- Radio and television public service announcements (PSAs) - Hundreds of PSAs were produced in Nigeria's 4 most widely spoken languages (English, Hausa, Igbo, and Yoruba). The spots ranged in length from 30 to 60 seconds and drew on a variety of formats, such as drama, personal testimony, comedy, music, and celebrity endorsements to carry HIV- and AIDS-related messages. The PSAs were played on most radio and TV stations across the country.
- A television drama series - Wetin Dey ('What's Up?'), a 30-minute weekly TV drama series exploring the social realities facing young people in Nigeria. Fifty-two episodes were produced by a Nigerian team trained by the BBC WST, and broadcast at peak viewing times by the Nigerian Television Authority's network of television stations.
- Films - Stop HIV worked in partnership with the Nigerian video film industry ("Nollywood") to incorporate HIV- and AIDS-related messages into the storylines of a number of films. The films were produced (on low budgets) by local directors and production teams with guidance from the BBC WST. The storylines and messages of the films relate to HIV and AIDS, but do not focus exclusively on these issues and are designed to appeal to large audiences. Messages include promoting condom use and discussing discrimination against people living with HIV and AIDS. The BBC WST also took advantage of the fact that video films are well distributed across Nigeria, primarily through regional film "markets" and video clubs.
As part of STOP HIV, the BBC WST provided radio and television production training to broadcast partners. Radio workshops included training in talk show and radio spots production, and training in integrating audience feedback into programme production. Television and film training focused on script-writing, PSA production, editing, and production of reality TV programmes. In addition to teaching technical production skills, training courses promoted increased and more accurate coverage of HIV and AIDS in all media, and aimed to counter the stigma and discrimination faced by people living with HIV and AIDS.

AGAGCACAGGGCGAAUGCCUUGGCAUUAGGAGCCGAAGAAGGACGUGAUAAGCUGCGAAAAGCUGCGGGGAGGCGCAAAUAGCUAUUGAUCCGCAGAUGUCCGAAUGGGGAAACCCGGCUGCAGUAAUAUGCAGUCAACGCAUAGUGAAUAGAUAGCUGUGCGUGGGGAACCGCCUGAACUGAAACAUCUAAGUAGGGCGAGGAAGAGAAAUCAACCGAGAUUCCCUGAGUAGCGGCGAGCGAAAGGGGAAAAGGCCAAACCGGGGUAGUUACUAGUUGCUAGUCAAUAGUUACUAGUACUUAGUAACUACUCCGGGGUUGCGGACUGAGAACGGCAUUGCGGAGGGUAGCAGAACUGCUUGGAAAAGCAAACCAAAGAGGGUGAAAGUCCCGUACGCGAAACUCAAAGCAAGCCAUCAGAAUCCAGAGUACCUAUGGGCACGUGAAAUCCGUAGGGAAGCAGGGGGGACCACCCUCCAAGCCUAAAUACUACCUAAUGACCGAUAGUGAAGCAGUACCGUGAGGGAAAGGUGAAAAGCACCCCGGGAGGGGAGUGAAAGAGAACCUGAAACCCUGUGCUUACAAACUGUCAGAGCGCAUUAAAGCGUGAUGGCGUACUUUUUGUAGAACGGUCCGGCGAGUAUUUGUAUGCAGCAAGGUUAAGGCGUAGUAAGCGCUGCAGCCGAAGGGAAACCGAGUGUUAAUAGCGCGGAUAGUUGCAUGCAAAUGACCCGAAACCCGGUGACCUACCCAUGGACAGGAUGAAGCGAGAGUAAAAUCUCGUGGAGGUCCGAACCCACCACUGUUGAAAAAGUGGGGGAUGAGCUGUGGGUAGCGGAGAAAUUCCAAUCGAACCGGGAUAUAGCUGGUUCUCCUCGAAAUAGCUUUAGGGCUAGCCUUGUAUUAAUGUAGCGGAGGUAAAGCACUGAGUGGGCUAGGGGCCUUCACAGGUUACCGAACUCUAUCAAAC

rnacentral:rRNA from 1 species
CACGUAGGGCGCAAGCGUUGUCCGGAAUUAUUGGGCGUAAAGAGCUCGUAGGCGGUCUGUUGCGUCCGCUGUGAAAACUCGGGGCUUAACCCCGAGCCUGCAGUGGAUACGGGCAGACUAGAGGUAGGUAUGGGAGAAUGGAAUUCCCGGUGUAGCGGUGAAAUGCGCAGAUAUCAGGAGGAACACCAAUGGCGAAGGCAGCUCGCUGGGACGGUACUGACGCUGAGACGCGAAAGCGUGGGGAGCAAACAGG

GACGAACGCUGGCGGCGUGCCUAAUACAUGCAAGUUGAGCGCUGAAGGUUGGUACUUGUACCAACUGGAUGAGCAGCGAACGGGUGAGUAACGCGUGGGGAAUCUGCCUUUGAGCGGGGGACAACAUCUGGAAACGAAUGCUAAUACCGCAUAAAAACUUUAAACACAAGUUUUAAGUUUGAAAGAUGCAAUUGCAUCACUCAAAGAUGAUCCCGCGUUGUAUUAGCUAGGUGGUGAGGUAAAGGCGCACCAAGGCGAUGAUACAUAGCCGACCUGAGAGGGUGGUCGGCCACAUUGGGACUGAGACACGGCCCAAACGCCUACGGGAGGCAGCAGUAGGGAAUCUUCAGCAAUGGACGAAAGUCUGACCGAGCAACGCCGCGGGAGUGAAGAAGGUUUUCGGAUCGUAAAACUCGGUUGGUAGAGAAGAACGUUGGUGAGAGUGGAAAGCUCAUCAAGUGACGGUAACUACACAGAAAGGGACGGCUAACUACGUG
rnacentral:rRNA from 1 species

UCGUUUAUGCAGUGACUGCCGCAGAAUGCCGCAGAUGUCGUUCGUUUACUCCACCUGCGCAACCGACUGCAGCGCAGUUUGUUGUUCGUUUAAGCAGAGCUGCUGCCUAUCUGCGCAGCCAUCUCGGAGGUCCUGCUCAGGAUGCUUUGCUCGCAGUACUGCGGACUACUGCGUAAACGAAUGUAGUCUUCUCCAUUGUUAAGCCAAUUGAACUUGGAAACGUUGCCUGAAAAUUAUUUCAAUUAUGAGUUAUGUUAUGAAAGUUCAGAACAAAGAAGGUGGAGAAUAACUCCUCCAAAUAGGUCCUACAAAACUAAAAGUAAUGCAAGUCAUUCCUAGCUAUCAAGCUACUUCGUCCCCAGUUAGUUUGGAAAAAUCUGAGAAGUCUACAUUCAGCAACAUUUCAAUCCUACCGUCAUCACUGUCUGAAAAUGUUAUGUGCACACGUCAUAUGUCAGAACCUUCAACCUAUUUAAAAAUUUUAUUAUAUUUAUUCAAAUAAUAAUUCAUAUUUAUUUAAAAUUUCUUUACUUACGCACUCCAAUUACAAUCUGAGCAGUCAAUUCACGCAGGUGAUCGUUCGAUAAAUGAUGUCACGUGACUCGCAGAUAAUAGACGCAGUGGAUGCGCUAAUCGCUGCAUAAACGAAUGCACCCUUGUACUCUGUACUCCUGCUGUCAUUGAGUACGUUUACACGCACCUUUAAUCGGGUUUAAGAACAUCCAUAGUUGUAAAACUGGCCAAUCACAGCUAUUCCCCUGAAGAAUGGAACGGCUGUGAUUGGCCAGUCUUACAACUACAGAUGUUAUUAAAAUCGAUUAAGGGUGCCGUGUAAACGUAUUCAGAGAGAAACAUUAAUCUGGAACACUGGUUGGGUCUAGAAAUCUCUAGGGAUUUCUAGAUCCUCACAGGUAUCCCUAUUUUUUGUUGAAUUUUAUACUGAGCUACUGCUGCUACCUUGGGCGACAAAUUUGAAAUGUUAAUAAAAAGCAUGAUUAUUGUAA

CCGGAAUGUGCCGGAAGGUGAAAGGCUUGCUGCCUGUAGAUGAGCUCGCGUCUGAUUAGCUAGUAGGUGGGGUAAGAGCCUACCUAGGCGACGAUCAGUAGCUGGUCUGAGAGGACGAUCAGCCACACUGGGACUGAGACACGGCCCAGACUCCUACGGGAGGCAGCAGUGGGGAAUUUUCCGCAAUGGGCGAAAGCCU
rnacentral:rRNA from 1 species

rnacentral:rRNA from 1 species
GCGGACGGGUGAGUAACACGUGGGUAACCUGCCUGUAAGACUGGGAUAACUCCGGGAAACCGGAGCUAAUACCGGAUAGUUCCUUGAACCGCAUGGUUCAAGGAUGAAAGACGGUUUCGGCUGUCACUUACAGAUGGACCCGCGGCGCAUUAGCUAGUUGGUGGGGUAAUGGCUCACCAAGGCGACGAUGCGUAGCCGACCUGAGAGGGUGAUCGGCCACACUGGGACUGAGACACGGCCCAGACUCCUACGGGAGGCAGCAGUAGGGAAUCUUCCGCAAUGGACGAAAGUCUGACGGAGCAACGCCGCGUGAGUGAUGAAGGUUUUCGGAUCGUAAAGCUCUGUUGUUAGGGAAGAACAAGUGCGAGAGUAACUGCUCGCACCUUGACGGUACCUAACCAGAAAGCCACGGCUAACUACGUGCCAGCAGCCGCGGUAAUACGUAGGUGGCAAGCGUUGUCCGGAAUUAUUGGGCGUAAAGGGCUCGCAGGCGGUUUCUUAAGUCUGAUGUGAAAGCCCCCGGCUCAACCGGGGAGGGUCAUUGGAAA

According to the Joint United Nations Programme on HIV/AIDS (UNAIDS, 2006), one-quarter of all Africans live in Nigeria, the country with the third-highest number of HIV cases in the world (an estimated 2.9 million [1.7 million-4.2 million] people were living with the virus in 2005).
A baseline survey was carried out in 6 Nigerian states - Abuja, Kaduna, Kano, Lagos, Cross Rivers, and Enugu - at the beginning of the project to assess the media consumption habits of the intended audience. Midway through the project, a midline survey was carried out in the same 6 states to assess the impact that STOP HIV was having on audiences.
At the Asia Media Summit, "Stella", a STOP HIV PSA, won the World Award for best PSA on HIV and AIDS.
BBC WST and SFH, with DFID funding.
"Media and Behaviour Change: A Case Study of the BBC World Service Trust's 'Stop HIV' intervention in Nigeria - Midline Research Report", by Femi Akinlabi, Tim Cooper, Linda Nwoke, and Anna Godfrey - sent from Emily LeRoux-Rutledge to The Communication Initiative on October 1 2009; and BBC WST website, accessed October 21 2009.
BBC World Service Trust
This paper details the work of the BBC World Service Trust (WST)'s drama for development work in Nigeria focusing on the HIV/AIDS television drama Wetin Dey.
Email from Emily LeRoux-Rutledge to The Communication Initiative on October 1 2009.
United Nations University (Hall); Centre for Research on Innovation and Science Policy (CRISP; Sulaiman); International Livestock Research Institute (ILRI; Beshah, Madzudzo, Puskur)
Capacity.org, Issue 37, September 2009.
Women Building Peace and Preventing Sexual Violence in Conflict-Affected Contexts: A Review of Community-Based Approaches
This United Nations Development Fund for Women (UNIFEM) document focuses on specific thematic areas of good practice in the prevention of sexual and gender-based violence (SGBV) and women's participation in peacebuilding. The study was developed as a background document to inform programming and advocacy within the context of UNIFEM programming, and builds on country-level visits conducted in early 2007. The programme is supported by the United Kingdom’s Department for International Development (DFID).
The study looks at five areas of intervention:
The Women's UN Report Program & Network (WUNRN) ListServ, May 28 2009, and the UNIFEM website.
World Health Organization (WHO)